South Africa are not only fresh from a series win against Ireland (whom Sri Lanka will face in the qualifiers), but had even defeated West Indies in the Caribbean in June and July. In Aiden Markram and David Miller, they have batters that have scored heavily in the format in 2021; in Tabraiz Shamsi they have a wristspinner who has claimed 24 wickets at an economy rate of 5.32. No other bowler has more wickets than Shamsi in T20Is in 2021.

Sri Lanka will feel they have some momentum after their ODI victory, but their T20I ranking of ninth is deserved – this is the format in which they have struggled most over the past few years. They will hope that the confidence gained from two consecutive series victories in a row (the first being that T20I series win over a depleted India), and familiarity with the conditions – which again are expected to be spin-friendly – can help elevate them to South Africa’s level.

Form guide

(completed matches, most recent first)

Sri Lanka WWLLL

South Africa WWWWL

In the spotlight

Do Sri Lanka have a new Ajantha Mendis on their hands? On Tuesday, Maheesh Theekshana unveiled his well-disguised carrom ball and his googly at the international level, claiming four wickets – a record for a Sri Lanka spinner on ODI debut. Those figures, however, came on a deck that offered substantial turn. Can he be as effective on less spin-friendly surfaces? And now that South Africa have had a chance to analyse footage, how much of his mystery will Theekshana retain?
In 14 bowling innings this year, only once has Tabraiz Shamsi gone wicketless. Of those innings, only in one – when Babar Azam hit full tilt in Centurion – did Shamsi go at more than eight an over. These are not just good statistics, they are performances that have elevated Shamsi to the top of the T20 rankings, one place above Wanindu Hasaranga from the opposition. Having already taken eight wickets in the ODIs, the T20s look set to see more Shamsi magic. There will be no bowler Sri Lanka will spend more prep time working out how to defuse.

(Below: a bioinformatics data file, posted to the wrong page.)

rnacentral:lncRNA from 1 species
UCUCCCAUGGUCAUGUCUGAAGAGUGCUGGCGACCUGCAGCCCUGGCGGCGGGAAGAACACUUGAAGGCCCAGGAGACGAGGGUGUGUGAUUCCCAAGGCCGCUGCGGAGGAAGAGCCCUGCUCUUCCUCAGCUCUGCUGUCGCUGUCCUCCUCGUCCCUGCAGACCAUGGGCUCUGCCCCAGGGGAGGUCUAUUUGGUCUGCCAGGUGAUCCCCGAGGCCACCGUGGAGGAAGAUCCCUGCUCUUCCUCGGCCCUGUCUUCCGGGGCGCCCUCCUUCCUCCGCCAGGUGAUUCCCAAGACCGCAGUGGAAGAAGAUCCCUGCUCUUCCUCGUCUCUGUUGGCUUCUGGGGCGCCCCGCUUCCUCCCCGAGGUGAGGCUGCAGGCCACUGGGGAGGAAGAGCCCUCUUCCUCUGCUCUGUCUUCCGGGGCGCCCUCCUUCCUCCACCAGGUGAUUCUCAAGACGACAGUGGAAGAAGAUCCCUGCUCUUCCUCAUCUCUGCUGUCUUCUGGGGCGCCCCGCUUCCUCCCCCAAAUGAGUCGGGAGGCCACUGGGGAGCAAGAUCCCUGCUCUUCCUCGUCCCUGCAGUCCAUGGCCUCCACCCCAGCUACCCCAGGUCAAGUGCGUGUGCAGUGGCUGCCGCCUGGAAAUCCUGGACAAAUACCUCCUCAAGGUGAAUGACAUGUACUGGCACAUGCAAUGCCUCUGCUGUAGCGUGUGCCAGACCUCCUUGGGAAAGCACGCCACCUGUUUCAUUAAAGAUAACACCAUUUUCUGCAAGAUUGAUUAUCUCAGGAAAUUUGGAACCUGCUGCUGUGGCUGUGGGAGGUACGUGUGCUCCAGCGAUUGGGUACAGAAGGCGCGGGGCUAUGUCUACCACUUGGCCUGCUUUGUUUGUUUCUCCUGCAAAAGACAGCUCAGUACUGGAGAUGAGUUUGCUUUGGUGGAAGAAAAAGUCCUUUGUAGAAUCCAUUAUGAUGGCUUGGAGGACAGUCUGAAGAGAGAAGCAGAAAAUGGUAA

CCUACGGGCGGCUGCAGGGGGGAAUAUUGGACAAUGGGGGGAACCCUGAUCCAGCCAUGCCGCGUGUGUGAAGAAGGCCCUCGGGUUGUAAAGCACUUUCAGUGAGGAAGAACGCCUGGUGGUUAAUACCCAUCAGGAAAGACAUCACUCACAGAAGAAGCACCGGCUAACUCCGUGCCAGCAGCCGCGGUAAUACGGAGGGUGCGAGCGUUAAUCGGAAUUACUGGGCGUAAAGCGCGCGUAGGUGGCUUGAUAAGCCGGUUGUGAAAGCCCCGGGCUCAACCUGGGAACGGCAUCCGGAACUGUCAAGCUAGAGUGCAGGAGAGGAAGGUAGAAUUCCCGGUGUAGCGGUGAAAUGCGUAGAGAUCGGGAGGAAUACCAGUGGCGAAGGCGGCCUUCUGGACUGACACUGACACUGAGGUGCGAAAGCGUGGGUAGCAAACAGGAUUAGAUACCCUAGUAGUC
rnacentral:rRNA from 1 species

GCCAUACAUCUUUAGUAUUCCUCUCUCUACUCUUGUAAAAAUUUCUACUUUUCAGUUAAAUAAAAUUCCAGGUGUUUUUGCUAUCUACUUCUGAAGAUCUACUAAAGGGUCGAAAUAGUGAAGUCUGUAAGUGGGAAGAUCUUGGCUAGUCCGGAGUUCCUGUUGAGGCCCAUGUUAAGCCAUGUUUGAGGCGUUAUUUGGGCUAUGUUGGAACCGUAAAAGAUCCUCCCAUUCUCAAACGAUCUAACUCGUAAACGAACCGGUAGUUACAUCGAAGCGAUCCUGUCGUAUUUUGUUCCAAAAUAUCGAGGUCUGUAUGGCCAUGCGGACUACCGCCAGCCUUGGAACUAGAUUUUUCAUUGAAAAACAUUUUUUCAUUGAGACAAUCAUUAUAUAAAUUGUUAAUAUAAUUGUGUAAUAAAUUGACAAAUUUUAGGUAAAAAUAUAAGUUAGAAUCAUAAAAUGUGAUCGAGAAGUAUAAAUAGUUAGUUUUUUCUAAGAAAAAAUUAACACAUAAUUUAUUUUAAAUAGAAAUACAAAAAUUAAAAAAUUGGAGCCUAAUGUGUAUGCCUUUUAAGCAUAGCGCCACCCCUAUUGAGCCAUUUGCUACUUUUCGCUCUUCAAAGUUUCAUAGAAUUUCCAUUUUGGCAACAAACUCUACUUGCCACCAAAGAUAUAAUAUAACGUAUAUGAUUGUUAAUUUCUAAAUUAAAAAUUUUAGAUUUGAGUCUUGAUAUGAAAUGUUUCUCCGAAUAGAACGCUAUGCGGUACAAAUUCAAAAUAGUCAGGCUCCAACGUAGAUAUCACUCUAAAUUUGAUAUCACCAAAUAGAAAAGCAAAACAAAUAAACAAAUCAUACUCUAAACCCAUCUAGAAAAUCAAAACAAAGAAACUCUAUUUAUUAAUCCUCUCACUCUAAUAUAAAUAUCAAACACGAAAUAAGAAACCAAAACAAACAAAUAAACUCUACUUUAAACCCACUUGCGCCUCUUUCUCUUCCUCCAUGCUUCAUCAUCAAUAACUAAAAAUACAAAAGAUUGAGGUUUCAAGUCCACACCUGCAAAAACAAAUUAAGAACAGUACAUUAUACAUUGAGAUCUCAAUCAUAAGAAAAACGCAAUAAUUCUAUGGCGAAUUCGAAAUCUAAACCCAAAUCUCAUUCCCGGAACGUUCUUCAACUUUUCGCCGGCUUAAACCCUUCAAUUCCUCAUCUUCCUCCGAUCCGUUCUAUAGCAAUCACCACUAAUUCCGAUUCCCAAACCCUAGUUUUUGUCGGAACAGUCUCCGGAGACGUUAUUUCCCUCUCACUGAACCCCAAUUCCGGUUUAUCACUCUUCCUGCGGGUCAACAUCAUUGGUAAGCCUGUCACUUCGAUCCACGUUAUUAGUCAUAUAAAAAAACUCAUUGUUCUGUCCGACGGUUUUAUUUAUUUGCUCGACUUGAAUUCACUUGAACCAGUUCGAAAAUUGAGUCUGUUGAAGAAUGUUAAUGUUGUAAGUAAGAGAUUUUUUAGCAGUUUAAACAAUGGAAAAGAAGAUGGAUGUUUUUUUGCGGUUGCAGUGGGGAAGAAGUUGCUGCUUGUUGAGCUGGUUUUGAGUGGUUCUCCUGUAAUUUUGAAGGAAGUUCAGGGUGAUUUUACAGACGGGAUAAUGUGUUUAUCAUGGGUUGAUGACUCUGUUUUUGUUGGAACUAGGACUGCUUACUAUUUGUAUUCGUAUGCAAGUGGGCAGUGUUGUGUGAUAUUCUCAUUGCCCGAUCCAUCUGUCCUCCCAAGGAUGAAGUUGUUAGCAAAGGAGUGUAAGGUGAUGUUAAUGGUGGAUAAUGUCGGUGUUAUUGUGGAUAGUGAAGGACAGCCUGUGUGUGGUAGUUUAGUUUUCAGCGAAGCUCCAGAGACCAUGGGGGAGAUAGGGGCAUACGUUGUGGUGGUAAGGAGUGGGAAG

Pitch and conditions

Expect another turning track. With showers frequently rolling through Colombo, rain interruptions are on the card too.

Team news

Kusal Perera is likely to return to the Sri Lanka XI, after regaining match fitness following his bout of Covid. Kamindu Mendis will probably stat at No. 3, given his excellent T20 domestic form recently. Sri Lanka may think about bringing in offspinning allrounder Ramesh Mendis to bolster the lower middle order, too.

Sri Lanka (possible): 1 Avishka Fernando, 2 Kusal Perera (wk), 3 Kamindu Mendis, 4 Dhananjaya de Silva, 5 Charith Asalanka, 6 Dasun Shanaka (capt.), 7 Wanindu Hasaranga, 8 Ramesh Mendis, 9 Chamika Karunaratne, 10 Dushmantha Chameera, 11 Maheesh Theekshana

David Miller has recovered from a hamstring strain and is available. Lungi Ngidi, though, won’t be, as he has flown straight to the IPL. Keshav Maharaj will captain the side.

South Africa (possible): 1 Janneman Malan, 2 Reeza Hendricks, 3 Aiden Markram, 4 David Miller, 5 Rassie van der Dussen, 6 Heinrich Klaasen (wk), 7 Wiaan Mulder, 8 George Linde, 9 Keshav Maharaj (capt.), 10 Kagiso Rabada, 11 Tabraiz Shamsi

Stats and trivia

  • South Africa have won seven, and lost five of their T20 internationals against Sri Lanka.
  • Sri Lanka’s two T20I wins over India came after a five-match losing streak. Their previous win, over West Indies, had come after an eight-match losing streak.
  • In 12 bowling innings since the start of 2020, Wanindu Hasaranga’s economy rate is 5.8. He has taken 21 wickets in that time.
  • Quotes

    “Performance is everything, so we want to come here and win the series, to go to the World Cup with a log of confidence. What we’ve gone through in the last couple of months have been huge stepping stones for our T20 team. Beating West Indies – a lot of people thought we were underdogs. We won 3-2. A lot of confidence has been taken from that.”
    David Miller on South Africa’s form

    Andrew Fidel Fernando is ESPNcricinfo’s Sri Lanka correspondent. @afidelf

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    T20 World Cup 2021 – Rashid Khan steps down as captain protesting against Afghanistan’s T20 World Cup squad selection




    “The selection committee and ACB has not obtained my consent for the team”

    Less than half an hour after Afghanistan announced their squad for the upcoming T20 World Cup, Rashid Khan stepped down as captain, saying “the selection committee and ACB has not obtained my consent for the team which has been announced by ACB media”. It is understood that the team will now be led by allrounder Mohammad Nabi.

    Rashid had been named captain in the squad put out by the ACB’s official Twitter handle, but said he was stepping down, effective immediately through his own tweet, posted 22 minutes after the ACB’s.